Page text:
Interesting facts about the chess clock

Posted on Mar 9, 2022      76

Until the middle of the 19th century, the duration of a chess game was not limited. This caused a lot of inconvenience. The opponents could think for hours about the next move, and the game itself sometimes went on for twenty-four hours. For example, in 1851, a duel in one of the international tournaments remained incomplete because both chess players simply fell asleep. Two years later, a limit of 10 minutes was introduced for thinking about a move. The time, most often, was measured with an hourglass.

This was not the best way out of the situation, as the hourglass was designed for only one move. In 1867, at a tournament in Paris, each player was allotted only one hour for 10 moves, and those who broke the rules had to pay a penalty. Ironically, the Hungarian Ignatz Kolisch, who won the tournament, paid the most fines. Kolisz was a successful business executive, so he did not skimp on thinking through his moves.

The real revolution in chess was made in 1883 by the Englishman Thomas Brighton Wilson, who designed a special clock with two dials. Participants and judges were tired of many hours of games, so that same year, the innovation was tested at an international tournament in London. But it was not without criticism: some chess players complained the clock made them nervous during the game, and they even called it “the fastest clock in the world”.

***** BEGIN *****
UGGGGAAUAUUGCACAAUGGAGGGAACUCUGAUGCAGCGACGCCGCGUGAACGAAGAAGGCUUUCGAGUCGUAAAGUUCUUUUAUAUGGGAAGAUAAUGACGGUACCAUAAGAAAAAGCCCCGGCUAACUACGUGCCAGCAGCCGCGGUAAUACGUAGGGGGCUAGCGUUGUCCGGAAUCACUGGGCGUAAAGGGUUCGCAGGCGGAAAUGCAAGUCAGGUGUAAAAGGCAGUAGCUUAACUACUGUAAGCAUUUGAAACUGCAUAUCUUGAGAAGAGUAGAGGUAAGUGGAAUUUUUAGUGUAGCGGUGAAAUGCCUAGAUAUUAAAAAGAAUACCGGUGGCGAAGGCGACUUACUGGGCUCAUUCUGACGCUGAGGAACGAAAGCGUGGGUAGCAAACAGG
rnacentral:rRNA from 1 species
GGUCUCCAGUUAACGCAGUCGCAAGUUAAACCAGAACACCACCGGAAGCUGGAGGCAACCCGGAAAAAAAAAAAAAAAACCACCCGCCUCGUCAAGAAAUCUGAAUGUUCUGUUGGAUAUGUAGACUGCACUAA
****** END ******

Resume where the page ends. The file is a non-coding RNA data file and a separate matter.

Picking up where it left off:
The system of penalties for “slow-witted chess players” was often maintained. For example, in 1906 in Nuremberg, each extra minute was estimated by the organizers at one mark. A rare participant could avoid such a punishment. After a few days, it turned out that such a measure for most participants was “draconian”. They simply could not pay the fines and announced that they withdraw from the tournament. The fines had to be cancelled.

In 1968, Grandmaster Friedrich Zemisch set an unbelievable record at a tournament in the German town of Büsum: he overstayed his time in all games in which he took part. However, it should be noted that the grandmaster himself was far from young. He was already 73 years old.

The clock, invented by Englishman Wilson at the end of XIX century, is used in chess games up to now, although it has undergone essential changes during this time. The classic mechanical chess clocks have two dials and they are turned on alternately, counting the time of each chess player separately. In recent years, mechanical chess clocks are increasingly superseded by electronic clocks.

World chess champion Robert Fischer has become famous not only as a grand master of the game but also designed a new version of the chess clock. It differs from the classic version because it adds a certain number of seconds for each timely move. In 1992, this clock was approved by the International Chess Federation - FIDE.

Experts have noted that during the best years of his career, Robert Fischer himself rarely went into time trouble. Fischer even noted in one interview that playing with a lack of time meant giving his opponent a significant advantage. It’s like giving your opponent a pawn or a bishop before the game even begins.

Chess clocks not only control the time spent by chess players on thinking out their moves, but also keep track of the player’s own arrival. The modern rules of chess state that if a participant is late for the game for over one hour, he loses, unless otherwise stipulated in the rules of the tournament.